The custom form locates and retrieves the data, whether it is actually stored in Exchange or in some other location. Similarly, the custom form modifies, saves, and sends the data as appropriate.

To provide context to the custom form request, Outlook Web App passes parameters in the GET URL. The following table lists the parameters that Outlook Web Access passes.

Parameters that are passed in the GET URL

Parameter

Example

Description

ae

ae=Item

Application Element. Defines the type of Outlook Web App object. Custom forms that work with Outlook Web App can be called only for Item objects. Exchange 2007 allows custom forms to be applied to Folder objects as well; however, this is not supported in Exchange 2010.

a

a=Open

Action. Describes the type of action to perform on the object.

t

t=IPM.Note

Type. Defines the content class type of the item.

id

id=RgAAAADAOYRcvwRy…

Identifier. Provides the Outlook Web App identifier for the item. The application should use the Exchange Web Services method to convert the id value into a value that Exchange Web Services uses.

s

s=Draft

State. Describes the current state of the item. This parameter is optional. For e-mail messages, this value is typically Draft.

ea

ea=user@example.com

E-mail Address. Provides the short Simple Mail Transfer Protocol (SMTP) e-mail address of the Outlook Web App user whose mailbox is being accessed.

Outlook Web App does not open the custom form if the Outlook Web App administrator enables segmentation and disables features that your form requires. If this occurs, verify that the features that you specified in the RequiredFeatures element are named correctly and are actually required. In addition, contact your administrator to determine whether they have intentionally disabled the features that you require.

In Outlook Web App Premium mode, the message-composition window and full message-viewing window opens as a separate Web browser window. In Basic mode, all operations use the same Web browser window. The custom application has no supported way to return to the previous Outlook Web App display page. Therefore, any custom forms that are listed in the <Experience Name="Basic"> element are ignored, and are unsupported.

You can customize the theme provided in Outlook Web App to change colors, icons, and the logo. Exchange 2010 only provides a single theme, and it is presented to all users who access Outlook Web App via that server. There is no way for an administrator or user to select themes.

At this time, documentation about how to modify the theme for Outlook Web App in Exchange 2010 is not available. Many of the concepts and techniques that apply to creating themes for Outlook Web Access in Microsoft Exchange Server 2007 still apply. For more information about creating themes, see Create a Theme for Outlook Web App on Microsoft TechNet. This section describes the major differences in the Exchange 2010 theme implementation.

Working with Theme Folders

The Outlook Web App theme files for Exchange 2010 are stored in the following location: \Client Access\OWA\version\themes. The "version" portion is either "premium" or "basic". The files for the single theme that is available in Exchange 2010 are located in the Base theme folder.

Exchange 2010 also includes theme folders named "1", and "2". Although those folders do not provide additional themes, avoid modifying the folders or their contents in any way.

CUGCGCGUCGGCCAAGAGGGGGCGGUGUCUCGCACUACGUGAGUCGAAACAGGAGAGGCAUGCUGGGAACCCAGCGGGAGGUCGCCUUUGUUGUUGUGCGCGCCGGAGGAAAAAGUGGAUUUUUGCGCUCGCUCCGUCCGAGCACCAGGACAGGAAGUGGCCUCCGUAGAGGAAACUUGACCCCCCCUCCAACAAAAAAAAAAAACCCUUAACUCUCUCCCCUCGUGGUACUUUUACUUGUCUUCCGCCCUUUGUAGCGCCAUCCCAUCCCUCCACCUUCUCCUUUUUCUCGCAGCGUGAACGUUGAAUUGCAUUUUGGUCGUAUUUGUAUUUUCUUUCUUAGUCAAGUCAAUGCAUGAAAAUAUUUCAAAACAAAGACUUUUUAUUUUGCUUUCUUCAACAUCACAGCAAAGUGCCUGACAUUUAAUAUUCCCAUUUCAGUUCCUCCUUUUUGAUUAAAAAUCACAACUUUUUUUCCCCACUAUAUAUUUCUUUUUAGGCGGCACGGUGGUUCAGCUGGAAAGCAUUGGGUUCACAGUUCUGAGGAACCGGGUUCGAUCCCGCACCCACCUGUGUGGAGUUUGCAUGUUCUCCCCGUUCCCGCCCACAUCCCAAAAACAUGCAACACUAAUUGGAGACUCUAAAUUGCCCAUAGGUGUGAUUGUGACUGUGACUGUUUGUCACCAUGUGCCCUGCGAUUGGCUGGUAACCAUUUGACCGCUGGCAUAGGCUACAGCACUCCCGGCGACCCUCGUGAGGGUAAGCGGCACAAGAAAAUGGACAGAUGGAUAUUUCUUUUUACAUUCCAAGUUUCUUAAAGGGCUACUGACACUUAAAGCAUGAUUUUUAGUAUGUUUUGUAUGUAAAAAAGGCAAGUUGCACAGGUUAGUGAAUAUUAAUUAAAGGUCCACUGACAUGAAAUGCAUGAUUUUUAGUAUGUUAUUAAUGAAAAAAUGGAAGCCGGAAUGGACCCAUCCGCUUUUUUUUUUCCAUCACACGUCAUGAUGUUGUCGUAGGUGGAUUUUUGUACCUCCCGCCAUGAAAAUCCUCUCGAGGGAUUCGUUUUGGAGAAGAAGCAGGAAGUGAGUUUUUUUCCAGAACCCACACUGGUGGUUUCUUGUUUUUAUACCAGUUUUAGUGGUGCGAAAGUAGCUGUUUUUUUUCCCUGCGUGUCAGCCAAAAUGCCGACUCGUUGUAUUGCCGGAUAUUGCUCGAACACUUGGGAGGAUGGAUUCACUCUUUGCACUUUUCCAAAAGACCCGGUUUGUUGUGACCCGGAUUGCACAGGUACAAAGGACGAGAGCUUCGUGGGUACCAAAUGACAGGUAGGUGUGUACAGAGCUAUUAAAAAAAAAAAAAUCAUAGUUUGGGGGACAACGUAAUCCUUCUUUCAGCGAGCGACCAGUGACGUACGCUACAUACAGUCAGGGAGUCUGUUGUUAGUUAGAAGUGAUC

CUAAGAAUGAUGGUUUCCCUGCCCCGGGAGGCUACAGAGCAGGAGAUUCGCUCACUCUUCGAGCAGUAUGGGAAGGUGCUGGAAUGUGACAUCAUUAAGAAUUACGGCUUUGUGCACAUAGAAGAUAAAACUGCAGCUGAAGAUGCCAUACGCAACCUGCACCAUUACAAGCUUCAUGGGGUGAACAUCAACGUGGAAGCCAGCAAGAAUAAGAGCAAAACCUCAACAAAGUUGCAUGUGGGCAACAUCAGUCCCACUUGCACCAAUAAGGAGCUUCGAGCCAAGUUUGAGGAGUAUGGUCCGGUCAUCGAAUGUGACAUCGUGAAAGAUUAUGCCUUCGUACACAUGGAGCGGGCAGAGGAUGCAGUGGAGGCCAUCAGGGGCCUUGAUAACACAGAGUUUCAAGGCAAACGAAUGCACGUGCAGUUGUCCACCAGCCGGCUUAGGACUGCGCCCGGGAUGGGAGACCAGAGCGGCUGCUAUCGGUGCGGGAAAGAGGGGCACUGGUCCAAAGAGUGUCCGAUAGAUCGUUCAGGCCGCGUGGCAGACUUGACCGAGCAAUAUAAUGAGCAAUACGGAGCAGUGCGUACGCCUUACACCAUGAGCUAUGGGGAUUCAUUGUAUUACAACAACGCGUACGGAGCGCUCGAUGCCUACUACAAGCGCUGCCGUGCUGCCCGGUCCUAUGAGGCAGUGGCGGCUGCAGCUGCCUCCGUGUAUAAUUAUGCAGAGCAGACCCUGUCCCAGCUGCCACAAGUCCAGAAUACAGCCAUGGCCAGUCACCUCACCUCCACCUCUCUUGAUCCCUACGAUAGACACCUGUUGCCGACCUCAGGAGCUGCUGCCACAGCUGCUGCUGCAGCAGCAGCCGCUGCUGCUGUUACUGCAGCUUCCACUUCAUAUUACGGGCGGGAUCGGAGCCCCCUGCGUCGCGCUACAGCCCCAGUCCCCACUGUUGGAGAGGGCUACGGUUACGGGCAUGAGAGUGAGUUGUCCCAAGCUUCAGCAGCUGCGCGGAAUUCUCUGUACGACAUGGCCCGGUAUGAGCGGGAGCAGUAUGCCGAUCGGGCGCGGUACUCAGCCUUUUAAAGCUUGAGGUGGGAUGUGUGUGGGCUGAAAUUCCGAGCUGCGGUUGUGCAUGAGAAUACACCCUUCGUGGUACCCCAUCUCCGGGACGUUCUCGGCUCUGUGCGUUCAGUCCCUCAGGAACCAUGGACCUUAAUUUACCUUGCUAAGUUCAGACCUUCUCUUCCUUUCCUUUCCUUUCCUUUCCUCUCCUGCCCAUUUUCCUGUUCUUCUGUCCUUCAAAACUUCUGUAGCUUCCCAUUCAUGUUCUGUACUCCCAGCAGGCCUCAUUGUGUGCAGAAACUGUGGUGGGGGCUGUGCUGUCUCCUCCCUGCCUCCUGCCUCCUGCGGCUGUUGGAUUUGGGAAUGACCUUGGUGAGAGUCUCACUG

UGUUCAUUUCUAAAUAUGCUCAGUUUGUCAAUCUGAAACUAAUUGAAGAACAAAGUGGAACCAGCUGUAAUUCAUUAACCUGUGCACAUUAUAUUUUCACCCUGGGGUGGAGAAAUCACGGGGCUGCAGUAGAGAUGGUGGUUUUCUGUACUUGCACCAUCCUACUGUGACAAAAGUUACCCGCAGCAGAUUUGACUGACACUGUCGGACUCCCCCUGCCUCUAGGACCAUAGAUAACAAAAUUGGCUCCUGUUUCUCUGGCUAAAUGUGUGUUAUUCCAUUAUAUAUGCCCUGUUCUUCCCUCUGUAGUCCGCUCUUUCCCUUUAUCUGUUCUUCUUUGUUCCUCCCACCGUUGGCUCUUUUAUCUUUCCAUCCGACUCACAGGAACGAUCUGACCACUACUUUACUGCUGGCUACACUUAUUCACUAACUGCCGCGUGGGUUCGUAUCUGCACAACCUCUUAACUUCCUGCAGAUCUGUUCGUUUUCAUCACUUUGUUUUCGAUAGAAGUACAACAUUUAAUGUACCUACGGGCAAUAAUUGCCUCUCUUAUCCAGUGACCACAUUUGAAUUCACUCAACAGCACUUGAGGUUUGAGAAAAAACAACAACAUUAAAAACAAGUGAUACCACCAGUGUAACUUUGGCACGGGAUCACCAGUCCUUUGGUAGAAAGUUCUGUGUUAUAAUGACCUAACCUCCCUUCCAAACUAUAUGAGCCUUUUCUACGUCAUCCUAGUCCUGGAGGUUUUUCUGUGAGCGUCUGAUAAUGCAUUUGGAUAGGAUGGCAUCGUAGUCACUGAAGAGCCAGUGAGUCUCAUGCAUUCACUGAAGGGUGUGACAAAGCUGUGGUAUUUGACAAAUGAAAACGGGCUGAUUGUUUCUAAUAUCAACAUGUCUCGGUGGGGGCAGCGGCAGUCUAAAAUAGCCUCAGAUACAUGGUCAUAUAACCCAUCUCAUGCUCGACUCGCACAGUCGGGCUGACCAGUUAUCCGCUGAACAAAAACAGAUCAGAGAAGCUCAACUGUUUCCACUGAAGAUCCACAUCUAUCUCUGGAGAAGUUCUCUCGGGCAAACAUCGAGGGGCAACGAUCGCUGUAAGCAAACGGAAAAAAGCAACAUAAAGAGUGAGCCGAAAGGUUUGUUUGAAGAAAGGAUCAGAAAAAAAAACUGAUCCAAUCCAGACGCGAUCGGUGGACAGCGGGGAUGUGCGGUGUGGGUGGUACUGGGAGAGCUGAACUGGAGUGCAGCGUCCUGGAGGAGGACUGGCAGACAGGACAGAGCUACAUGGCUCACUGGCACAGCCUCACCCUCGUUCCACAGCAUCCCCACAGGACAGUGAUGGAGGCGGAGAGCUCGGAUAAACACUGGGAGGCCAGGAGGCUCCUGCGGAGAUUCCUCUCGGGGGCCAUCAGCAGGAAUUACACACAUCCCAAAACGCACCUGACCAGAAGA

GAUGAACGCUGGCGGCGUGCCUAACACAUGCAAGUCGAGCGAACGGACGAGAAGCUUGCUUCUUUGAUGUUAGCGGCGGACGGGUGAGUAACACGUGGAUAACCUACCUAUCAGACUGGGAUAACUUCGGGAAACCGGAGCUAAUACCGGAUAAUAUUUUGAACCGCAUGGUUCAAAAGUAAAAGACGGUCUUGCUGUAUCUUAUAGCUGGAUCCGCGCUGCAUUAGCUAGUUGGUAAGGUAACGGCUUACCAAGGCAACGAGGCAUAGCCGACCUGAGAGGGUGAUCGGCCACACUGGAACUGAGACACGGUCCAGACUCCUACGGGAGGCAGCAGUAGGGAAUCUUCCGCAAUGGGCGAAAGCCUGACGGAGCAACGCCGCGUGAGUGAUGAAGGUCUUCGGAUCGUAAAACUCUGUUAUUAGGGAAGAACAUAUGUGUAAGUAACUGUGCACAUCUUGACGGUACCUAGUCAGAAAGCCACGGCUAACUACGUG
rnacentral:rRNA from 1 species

Before you make changes to the Base theme, copy the Base theme folder and contents to a safe location in case you need to restore the original theme. You might need to do this to troubleshoot problems you’re having with a customized theme, or to return the theme to its original form.

Working with the CSS File

Because of significant changes in the Outlook Web App architecture and internal programming, many of the classes in the Cascading Style Sheet (CSS) files have changed in both name and values. So, although the Exchange 2007 documentation can help you understand how to modify the CSS files, specific references to classes are likely to be different.

Working with Images and Sprites

In Exchange 2007, the images transmitted to the browser were all in separate files. In this implementation, each small image required the request-and-response overhead incurred in an HTTP GET. To improve network bandwidth utilization, Exchange 2010 Outlook Web App uses "sprites". All of the small images are placed into one large image file, which is downloaded to the client browser only once, reducing HTTP overhead significantly. To display one of the small images, the browser selects only a small portion of the larger image. The CSSSprites.css file defines the pixel-offsets inside the larger image where each of the small images is located.

While using sprites lowers the network traffic and improves the overall user response time, it is more difficult to modify an individual image. In addition, at this time, not all image references in Outlook Web App use the sprites. The larger images such as the logo and banner images remain as separate image files.

If your custom theme requires you to modify the images, we recommend the following flow as being more reliable and less error-prone. First, locate the separate image file that you want to change. Then, using the larger sprite image and the CSS file, determine where in the sprite that image is located. Then, modify the separate image file and save that. Finally, copy the image data from the separate-image file into the proper place in the larger sprite file.

Working with Gradient Images and Sprites

The gradients that are used in Outlook Web App also use a sprite image file. However, determining all the places where the gradients are used can be difficult, which will make testing your changes more challenging. There are two gradient files: GradientV.png and GradientH.phg. GradientV.png contains the vertical gradients, while GradientH.png contains the horizontal gradients.